Bugbane

photoThis is cimicifuga racemosa “Black Negligee.” The edges of the leaves are dipped in purple, a color echo of the dark purple stems. This is a very handsome plant. Sometimes called bugbane, Cimis fit nicely with the Yellow Wax Bells I talked about last week because they share the same need for constant water and a humusy soil. Although we have a sprinkler system, I also hand water these plants starting in July if rainfall is scant.  Otherwise, bugbanes are another low maintenance plant that the deer leave alone.photoBlooms are white spires that appear late in the season—mine are just starting to bloom now, in September. Some gardeners say they need staking but I’ve never experienced that, perhaps because my” shady” garden gets at least three hours of morning sun.  A quirk I’ve noted about bugbanes is that they’re particular about siting.photoThis Bugbane, “Hillside Beauty” (on left) was moved three times before I found the right spot for it in front of a thread leaf cypress. Cimicifugas have thong-like taproots, so moving them isn’t recommended, but I could see the plant just wasn’t happy, so I kept trying!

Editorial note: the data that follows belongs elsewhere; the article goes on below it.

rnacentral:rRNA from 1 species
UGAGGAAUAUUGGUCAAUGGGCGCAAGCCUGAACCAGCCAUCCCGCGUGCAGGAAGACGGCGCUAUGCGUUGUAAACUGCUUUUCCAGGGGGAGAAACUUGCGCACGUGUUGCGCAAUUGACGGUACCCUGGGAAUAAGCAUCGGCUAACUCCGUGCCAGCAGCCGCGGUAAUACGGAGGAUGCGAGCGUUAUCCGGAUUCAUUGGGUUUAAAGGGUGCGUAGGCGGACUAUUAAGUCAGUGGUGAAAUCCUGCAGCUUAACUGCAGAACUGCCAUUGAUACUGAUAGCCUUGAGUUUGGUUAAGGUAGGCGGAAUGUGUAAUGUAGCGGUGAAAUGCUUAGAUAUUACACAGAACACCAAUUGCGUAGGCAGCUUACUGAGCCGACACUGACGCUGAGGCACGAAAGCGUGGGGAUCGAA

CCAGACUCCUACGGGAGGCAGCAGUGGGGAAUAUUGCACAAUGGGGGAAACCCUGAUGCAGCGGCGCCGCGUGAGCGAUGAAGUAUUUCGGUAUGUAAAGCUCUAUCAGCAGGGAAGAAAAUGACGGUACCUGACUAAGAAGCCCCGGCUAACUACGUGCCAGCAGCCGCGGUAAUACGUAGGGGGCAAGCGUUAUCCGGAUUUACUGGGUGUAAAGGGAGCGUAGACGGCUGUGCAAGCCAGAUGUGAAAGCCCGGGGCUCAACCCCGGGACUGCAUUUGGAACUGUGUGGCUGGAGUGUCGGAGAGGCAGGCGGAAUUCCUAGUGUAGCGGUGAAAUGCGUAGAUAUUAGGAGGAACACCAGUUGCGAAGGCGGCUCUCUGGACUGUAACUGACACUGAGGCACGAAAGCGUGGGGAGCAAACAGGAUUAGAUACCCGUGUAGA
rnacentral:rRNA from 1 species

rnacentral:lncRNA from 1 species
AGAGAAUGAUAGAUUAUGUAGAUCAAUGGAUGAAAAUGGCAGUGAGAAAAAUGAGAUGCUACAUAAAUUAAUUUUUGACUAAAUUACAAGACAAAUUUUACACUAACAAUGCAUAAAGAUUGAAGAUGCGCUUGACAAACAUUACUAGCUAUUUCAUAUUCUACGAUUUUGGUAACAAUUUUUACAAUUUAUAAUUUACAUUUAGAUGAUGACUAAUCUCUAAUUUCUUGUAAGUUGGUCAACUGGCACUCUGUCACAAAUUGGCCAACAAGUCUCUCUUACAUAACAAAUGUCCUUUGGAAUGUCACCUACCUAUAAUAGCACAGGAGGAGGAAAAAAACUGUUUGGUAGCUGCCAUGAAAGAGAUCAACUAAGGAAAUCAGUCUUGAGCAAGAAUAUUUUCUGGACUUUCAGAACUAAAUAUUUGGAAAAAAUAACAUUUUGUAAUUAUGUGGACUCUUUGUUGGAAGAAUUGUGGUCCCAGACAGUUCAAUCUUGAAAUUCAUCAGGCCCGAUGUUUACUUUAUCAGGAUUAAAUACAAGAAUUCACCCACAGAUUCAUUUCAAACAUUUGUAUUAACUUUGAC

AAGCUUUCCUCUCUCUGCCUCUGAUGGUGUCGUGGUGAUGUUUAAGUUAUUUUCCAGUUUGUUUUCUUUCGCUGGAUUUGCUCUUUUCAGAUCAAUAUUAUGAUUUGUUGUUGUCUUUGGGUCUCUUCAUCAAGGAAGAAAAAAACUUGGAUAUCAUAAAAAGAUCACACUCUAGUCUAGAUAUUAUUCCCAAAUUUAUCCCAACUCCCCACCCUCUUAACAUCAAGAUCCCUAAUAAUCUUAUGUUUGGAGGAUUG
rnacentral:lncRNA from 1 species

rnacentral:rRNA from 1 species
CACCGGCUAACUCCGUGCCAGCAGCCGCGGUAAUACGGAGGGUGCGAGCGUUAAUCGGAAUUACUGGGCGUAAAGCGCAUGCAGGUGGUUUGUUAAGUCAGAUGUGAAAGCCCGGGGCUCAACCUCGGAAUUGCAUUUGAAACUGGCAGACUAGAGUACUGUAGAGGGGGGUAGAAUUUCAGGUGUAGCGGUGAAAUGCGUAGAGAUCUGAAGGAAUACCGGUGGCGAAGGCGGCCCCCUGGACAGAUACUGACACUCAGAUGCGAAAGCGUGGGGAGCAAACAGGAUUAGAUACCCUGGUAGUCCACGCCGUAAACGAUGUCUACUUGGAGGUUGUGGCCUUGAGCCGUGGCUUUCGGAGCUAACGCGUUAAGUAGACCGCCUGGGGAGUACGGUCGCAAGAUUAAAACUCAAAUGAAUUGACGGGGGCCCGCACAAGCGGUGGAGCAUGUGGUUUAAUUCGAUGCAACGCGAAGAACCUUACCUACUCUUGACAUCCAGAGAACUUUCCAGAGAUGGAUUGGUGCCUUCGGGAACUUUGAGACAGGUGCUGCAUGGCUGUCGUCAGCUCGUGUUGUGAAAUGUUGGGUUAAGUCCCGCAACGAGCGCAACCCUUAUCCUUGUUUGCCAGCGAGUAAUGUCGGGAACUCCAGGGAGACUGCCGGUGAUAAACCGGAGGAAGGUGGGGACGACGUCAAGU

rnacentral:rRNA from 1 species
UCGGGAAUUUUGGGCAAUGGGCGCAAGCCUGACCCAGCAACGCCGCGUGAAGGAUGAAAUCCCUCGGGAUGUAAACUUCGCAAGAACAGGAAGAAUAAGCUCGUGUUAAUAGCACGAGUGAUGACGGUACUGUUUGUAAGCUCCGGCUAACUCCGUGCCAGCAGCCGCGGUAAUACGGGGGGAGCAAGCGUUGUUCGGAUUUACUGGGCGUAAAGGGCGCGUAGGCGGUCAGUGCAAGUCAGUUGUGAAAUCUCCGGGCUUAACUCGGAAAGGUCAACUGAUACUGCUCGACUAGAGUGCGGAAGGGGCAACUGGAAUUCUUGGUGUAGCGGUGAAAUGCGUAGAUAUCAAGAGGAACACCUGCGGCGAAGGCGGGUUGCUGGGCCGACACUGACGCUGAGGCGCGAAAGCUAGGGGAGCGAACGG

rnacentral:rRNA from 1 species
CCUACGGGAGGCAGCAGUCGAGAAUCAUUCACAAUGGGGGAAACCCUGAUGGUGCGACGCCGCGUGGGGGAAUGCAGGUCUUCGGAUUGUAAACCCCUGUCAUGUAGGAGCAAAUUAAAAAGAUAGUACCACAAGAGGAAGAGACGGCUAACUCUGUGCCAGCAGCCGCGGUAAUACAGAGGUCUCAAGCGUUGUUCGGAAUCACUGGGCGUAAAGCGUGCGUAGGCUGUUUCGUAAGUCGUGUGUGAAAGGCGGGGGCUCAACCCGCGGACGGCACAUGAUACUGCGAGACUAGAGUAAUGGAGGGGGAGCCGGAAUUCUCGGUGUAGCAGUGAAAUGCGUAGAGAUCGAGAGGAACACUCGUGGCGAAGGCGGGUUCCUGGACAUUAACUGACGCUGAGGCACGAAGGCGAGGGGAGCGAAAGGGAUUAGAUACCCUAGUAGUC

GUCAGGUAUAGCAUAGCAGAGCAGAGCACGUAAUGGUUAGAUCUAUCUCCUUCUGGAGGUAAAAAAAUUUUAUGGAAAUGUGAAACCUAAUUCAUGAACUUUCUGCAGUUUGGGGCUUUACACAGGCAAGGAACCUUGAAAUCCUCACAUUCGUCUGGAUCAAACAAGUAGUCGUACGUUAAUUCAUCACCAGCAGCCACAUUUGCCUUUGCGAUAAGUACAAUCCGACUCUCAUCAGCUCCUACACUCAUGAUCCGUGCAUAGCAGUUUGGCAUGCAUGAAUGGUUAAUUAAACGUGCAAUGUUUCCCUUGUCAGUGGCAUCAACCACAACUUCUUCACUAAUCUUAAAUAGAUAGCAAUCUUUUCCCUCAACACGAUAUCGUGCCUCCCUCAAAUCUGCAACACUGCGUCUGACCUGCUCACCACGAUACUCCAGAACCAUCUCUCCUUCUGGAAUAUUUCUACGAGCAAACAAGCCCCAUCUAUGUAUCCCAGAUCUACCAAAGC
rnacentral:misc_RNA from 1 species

Hillside Beauty has deeply mysterious purple/black foliage. I tried several times to capture it, but this is the best I could manage.                           
photo
Their dark, almost embossed foliage makes them standouts in the shade garden. Give them a shot, if you an empty spot in your shade garden.

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One Response to Bugbane

  1. I should try some of those, too!

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